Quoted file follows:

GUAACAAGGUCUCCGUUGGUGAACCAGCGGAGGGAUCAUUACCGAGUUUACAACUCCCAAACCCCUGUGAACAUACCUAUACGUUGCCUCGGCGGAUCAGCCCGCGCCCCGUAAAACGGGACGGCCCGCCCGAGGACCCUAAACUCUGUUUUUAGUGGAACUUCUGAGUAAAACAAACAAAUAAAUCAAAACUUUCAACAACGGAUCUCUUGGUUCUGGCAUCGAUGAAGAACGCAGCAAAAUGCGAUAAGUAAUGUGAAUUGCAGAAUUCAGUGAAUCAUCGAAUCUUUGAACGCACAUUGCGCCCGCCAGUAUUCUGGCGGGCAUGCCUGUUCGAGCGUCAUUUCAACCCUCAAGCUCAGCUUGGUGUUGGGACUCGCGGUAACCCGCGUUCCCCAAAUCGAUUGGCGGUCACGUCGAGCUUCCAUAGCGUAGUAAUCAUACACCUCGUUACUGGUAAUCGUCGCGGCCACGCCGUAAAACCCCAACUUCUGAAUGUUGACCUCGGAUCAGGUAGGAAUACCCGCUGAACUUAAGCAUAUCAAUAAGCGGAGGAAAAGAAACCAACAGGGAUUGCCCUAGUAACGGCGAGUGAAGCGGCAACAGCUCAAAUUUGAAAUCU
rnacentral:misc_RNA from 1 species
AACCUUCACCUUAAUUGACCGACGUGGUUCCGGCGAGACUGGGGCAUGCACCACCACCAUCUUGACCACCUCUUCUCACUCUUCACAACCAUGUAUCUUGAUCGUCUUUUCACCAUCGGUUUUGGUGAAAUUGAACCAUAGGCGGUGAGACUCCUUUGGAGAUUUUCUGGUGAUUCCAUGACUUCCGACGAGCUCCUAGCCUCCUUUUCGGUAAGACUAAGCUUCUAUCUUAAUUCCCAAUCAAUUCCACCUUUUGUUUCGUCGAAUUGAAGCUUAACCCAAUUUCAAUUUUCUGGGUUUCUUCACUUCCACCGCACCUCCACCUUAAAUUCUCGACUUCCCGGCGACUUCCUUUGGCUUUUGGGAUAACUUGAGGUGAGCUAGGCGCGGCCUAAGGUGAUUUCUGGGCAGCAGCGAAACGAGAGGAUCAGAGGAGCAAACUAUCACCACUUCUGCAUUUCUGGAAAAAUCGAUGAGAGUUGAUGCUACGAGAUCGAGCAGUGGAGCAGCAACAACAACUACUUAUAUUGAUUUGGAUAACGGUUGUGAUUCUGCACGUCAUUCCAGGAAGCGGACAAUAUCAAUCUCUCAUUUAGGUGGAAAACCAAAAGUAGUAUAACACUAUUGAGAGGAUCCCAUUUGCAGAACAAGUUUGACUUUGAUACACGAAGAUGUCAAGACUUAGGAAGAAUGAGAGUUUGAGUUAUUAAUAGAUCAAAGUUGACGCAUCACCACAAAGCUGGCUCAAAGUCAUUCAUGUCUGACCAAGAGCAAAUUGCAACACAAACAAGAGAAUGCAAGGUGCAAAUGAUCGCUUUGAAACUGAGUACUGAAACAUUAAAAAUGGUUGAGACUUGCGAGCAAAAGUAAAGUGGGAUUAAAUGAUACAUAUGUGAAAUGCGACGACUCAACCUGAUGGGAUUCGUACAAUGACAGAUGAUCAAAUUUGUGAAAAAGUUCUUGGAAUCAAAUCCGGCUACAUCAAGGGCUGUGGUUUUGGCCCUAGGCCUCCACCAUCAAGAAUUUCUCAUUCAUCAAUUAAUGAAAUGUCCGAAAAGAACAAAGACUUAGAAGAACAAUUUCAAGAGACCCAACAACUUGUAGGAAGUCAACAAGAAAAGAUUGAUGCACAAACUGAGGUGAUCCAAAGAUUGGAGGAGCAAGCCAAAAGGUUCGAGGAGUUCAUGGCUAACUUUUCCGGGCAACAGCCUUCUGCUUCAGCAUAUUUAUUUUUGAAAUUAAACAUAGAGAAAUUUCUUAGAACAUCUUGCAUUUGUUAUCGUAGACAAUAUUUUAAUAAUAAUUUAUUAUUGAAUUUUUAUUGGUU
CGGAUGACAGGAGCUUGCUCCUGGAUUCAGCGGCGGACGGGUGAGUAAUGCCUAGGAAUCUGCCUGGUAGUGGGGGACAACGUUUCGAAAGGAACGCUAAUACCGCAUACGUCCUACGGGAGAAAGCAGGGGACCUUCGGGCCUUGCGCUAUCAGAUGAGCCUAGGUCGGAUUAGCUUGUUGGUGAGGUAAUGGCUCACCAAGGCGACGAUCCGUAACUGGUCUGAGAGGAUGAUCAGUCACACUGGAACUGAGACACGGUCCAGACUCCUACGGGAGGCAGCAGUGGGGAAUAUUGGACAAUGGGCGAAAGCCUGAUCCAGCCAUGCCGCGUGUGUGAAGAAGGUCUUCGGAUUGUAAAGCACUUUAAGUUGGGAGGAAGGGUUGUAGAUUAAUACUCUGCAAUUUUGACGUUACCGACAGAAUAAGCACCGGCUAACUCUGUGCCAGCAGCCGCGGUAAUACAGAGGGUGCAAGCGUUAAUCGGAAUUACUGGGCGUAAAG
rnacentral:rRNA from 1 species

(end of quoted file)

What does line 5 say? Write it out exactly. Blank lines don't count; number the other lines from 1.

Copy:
rnacentral:rRNA from 1 species